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It won’t let me save the description without publishing, but here’s what I had in mind: Students at City High created a fashion line and learned about each others’ backgrounds during the class in spring of 2017.
Holly Hines / Press-Citizen

Starting a movement. Becoming a leader. Finding common ground. Exploring other cultures. 

It was a lot to pack into one class, but students at City High said they found a way during the past 12 weeks in a new fashion course led by local fashion designer Andre Wright and City’s I-JAG program specialist, Elizabeth Rook. 

During a high-energy class period Thursday, students prepared the final details for their culminating project: A fashion show the next day, where they would showcase a line of shirts, leggings and hats they created together, called WE:AR United.

The experience was part of a unique opportunity at City that incorporated a volunteer teacher and a strong focus on hands-on learning, said Principal John Bacon. 

“We’ve never done anything like this whatsoever,” he said. 

Senior Dalia Castaneda said that, although their product was a fashion line, the experience was about much more than clothes. She said she hoped their brand would start a movement, give young people a voice and reflect diversity at City and across the nation. 

Many of the students said diversity and unity were major themes of their brand, and cooperation was a key lesson during class. Their backgrounds ranged from Iowan black and Latina students to white, Iowan students to African immigrants to Latina students from outside Iowa.

Senior Malika Franklin, 17, said the class introduced her to other cultures’ clothing, languages and customs — lessons she thinks other classes lack. 

“I like the fact that we got the opportunity to do something we’ve never done before,” she said. 

Sophomore Laura Apolonio, 15, said she and her peers sought to bridge divides between student groups and ethnicities and create clothing anyone could wear. She said the classwork was a lesson in maturity as she realized the others depended on her to coordinate music, lighting and the stage setup for the fashion show. 

She said they disagreed at times on their approach to the project, but she believes they’re all proud of the product they created. 

“At the end, we all came to an agreement,” Apolonio said.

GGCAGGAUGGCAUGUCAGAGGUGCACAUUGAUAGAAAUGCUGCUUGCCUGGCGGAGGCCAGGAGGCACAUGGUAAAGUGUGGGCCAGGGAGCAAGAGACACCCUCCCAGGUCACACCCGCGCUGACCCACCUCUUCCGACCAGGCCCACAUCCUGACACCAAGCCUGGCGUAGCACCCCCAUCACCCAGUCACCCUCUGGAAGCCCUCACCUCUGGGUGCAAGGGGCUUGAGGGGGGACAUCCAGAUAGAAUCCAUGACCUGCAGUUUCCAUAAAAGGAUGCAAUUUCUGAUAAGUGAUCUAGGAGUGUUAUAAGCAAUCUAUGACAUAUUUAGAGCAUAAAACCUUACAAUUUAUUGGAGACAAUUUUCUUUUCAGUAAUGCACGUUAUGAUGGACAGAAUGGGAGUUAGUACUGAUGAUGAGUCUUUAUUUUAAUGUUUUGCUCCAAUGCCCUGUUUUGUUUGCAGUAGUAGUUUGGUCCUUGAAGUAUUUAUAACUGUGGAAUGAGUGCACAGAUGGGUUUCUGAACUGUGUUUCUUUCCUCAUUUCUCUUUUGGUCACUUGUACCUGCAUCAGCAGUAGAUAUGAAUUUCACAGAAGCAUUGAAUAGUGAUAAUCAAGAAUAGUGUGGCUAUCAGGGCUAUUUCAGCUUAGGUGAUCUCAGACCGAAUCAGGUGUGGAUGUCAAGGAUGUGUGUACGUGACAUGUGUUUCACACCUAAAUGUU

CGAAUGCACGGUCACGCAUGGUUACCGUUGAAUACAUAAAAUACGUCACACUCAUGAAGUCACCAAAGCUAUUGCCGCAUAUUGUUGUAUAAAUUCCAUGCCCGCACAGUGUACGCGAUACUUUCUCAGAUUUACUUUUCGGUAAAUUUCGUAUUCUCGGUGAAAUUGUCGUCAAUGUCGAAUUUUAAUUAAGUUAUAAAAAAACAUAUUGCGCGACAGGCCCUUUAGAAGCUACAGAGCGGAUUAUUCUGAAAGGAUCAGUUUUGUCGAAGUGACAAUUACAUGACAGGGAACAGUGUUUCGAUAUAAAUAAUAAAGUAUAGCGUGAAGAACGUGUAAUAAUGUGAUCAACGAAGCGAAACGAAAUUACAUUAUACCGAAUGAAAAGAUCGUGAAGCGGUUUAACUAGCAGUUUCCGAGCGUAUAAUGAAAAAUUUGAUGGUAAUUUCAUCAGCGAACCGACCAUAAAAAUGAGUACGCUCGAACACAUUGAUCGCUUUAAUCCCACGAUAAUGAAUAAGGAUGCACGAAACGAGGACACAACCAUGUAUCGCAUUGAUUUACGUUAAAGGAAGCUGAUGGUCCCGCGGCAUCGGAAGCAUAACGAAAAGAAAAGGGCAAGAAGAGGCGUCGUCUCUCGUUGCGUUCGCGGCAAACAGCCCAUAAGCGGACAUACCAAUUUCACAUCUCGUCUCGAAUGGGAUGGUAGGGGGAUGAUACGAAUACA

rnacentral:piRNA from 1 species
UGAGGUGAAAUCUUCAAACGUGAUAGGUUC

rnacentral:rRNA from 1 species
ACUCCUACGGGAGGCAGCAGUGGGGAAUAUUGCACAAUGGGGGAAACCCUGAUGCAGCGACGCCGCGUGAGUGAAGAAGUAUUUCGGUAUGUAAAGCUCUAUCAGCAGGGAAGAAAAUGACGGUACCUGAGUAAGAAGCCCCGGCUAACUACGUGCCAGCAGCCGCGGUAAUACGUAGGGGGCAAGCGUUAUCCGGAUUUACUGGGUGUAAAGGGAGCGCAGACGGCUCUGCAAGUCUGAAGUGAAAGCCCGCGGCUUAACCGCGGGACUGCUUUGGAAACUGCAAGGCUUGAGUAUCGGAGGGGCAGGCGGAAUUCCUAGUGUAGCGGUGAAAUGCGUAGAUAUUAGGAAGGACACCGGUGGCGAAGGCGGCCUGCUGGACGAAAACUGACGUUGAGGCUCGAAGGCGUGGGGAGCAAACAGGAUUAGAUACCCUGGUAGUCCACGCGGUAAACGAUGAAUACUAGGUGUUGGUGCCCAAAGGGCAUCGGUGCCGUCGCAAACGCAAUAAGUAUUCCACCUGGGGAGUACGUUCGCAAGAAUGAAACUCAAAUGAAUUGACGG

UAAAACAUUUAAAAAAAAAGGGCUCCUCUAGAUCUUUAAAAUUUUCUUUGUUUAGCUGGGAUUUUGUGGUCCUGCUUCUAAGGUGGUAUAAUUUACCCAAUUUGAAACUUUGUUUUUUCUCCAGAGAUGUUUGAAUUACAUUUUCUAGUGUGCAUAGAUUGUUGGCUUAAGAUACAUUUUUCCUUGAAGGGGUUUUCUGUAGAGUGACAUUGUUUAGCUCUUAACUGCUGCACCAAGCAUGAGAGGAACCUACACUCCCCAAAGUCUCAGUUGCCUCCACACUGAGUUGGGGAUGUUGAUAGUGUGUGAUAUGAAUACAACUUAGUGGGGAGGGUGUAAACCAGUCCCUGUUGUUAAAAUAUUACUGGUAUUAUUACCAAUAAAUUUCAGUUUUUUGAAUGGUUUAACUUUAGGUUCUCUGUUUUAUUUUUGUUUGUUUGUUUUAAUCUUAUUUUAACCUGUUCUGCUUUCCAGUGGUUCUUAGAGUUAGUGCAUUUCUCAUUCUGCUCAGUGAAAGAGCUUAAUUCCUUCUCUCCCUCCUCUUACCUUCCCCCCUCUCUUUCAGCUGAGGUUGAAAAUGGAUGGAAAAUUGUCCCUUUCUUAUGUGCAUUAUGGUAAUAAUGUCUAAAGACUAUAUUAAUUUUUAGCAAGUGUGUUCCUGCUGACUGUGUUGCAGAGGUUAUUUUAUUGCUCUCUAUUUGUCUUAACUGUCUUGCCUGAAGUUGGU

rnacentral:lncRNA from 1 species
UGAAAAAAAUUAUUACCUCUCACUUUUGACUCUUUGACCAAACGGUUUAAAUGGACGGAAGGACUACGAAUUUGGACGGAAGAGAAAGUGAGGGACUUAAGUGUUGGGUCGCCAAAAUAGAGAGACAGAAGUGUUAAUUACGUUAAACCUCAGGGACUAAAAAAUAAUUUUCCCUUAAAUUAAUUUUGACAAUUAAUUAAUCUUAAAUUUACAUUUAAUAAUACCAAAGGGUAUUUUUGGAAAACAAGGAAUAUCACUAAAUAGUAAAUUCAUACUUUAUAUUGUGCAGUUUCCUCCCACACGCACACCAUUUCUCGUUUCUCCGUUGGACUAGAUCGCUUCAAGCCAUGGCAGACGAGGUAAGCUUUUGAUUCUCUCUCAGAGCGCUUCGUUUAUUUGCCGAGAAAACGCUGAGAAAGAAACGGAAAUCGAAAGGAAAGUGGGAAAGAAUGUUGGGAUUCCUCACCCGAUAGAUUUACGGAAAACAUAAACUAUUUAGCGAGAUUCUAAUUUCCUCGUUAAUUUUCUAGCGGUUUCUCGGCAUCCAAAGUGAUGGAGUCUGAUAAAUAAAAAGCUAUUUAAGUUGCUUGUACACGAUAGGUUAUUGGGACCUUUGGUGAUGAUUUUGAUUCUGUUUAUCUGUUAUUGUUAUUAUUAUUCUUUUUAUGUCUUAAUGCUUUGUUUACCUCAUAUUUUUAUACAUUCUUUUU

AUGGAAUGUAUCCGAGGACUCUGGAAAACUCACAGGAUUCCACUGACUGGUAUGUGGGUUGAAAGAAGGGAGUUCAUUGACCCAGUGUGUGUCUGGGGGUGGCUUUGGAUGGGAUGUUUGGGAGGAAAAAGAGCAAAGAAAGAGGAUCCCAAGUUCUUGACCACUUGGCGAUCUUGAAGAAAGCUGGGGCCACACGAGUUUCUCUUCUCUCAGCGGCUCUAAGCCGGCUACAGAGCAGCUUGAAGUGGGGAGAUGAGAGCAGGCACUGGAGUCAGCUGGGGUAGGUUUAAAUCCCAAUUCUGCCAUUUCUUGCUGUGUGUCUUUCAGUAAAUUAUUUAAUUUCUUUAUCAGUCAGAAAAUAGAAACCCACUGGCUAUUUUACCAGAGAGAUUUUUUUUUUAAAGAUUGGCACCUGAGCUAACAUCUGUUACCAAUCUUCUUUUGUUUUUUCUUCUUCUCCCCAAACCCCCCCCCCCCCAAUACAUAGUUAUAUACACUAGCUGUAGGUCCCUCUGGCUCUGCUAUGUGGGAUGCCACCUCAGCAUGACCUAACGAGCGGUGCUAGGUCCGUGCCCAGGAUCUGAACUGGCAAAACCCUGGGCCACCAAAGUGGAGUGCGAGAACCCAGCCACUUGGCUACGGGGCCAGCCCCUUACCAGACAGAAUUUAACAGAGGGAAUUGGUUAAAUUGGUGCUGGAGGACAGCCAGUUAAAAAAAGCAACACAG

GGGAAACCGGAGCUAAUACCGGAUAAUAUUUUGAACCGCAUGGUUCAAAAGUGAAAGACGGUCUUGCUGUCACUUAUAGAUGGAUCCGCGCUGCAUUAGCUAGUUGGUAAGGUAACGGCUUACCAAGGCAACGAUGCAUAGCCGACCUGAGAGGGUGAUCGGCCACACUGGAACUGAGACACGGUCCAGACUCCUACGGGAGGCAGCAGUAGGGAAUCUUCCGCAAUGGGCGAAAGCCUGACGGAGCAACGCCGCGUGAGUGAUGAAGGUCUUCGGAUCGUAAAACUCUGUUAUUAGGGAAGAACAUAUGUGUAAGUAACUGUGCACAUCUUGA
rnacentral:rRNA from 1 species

Sophomore Alicia Estrada, 15, said she enjoyed the responsibility of working with her classmates to realize a common goal. 

“At first it was just a concept we all had. And then we started brainstorming and actually doing things,” Estrada said. 

Wright, also an entrepreneurial advancement leader for the Iowa City Area Development group, said he approached Bacon earlier this school year with the idea of teaching fashion, teamwork and other skills. The concept developed into a for-credit, pass-fail class, titled Leaders of the New School Fashion Class.

On a volunteer basis, Wright worked with the students, in grades 9-12, on team building and understanding their own strengths. He said he hoped it would be a student-led experience. 

“The platform is fashion, but the idea is to teach them those soft skills,” he said. 

Rook said Wright’s consistent presence in the classroom allowed him to build a relationship with the students, creating a unique opportunity. She said the class was unlike others, in that the focus was a project rather than tests, assignments and lectures. 

“They spent the whole time creating,” she said. 

The class was an extension of a makerspace partnership between the development group and the Iowa City Community School District. As part of the initiative, visiting “makers,” including entrepreneurs, have visited schools to work with students on hands-on projects.

Freshman Prisca Namutchibwe said collaborating, communicating and compromising were all important parts of their process throughout the fashion project. 

Namutchibwe, 15, said it really hit home how much work it takes to create a product and plan an event. She said she tried to help solve disagreements between her peers and bring “a good vibe” to the group.  

“I fell in love with these people like my own family,” Namutchibwe said. 

Wright and Bacon both said they hope the class can continue. Wright said he is seeking financial support and volunteers to sustain the initiative. 

Throughout the class, he took video clips to create a documentary of the experience. He said he plans to produce the documentary by the beginning of the next school year, and he hopes it helps viewers understand the students’ experience. 

“I think it’s something special when you can show people that,” he said. 

Get involved 

Those interested in volunteering, sponsoring or donating to the Leaders of the New School Fashion Class can contact Andre Wright by email at awright@icadgroup.com